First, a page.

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This book is a comprehensive guide to the natural history of the North Slope,
the only arctic tundra in the United States. The first section provides detailed
information on climate, geology, landforms, and ecology. The second provides
a guide to the identification and natural history of the common animals
and plants and a primer on the human prehistory of the region from the
Pleistocene through the mid-twentieth century. The appendix provides the
framework for a tour of the natural history features along the Dalton Highway,
a road connecting the crest of the Brooks Range with Prudhoe Bay and the
Arctic Ocean, and includes mile markers where travelers may safely pull off to
view geologic formations, plants, birds, mammals, and fish. Featuring hundreds
of illustrations that support the clear, authoritative text, Land of Extremes
reveals the arctic tundra as an ecosystem teeming with life.
This comprehensive account and guide to the biology and natural history of
Alaska’s North Slope contains wonderful and authoritative detail of practically
every animal and plant species, the geology, and the human history of a
fascinating part of Earth…I have been visiting and doing research on the
North Slope for twenty-five years, yet l learned something new on almost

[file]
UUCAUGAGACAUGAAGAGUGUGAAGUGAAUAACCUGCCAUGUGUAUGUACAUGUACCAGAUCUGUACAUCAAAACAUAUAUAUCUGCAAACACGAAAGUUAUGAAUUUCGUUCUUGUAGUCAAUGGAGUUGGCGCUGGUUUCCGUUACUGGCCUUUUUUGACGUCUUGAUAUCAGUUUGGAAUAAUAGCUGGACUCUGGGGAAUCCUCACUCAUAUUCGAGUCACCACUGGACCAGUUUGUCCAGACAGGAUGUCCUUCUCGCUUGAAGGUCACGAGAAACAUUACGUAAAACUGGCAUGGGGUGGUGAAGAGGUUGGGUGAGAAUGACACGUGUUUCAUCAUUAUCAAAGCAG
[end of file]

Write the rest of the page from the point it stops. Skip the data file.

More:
—Brian Barnes, Director, Institute of Arctic Biology, University
of Alaska Fairbanks
Well researched and well written, without heavy use of scientific jargon, and beautifully illustrated with color photographs. This is far more than a standard guide to the area. . . . Highly recommended.
Alexander Huryn is a freshwater ecologist and a committed field naturalist
who has worked extensively in the Smoky Mountains, New Zealand, Panama,
the Alaska Arctic, and Iceland.
John Hobbie is a senior scholar at the
Ecosystems Center, Marine Biological Laboratory in Woods Hole, Massachusetts.
He is a founding researcher of the Toolik Field Station in Alaska and former
director of the Arctic Long-Term Ecological Research Project there.
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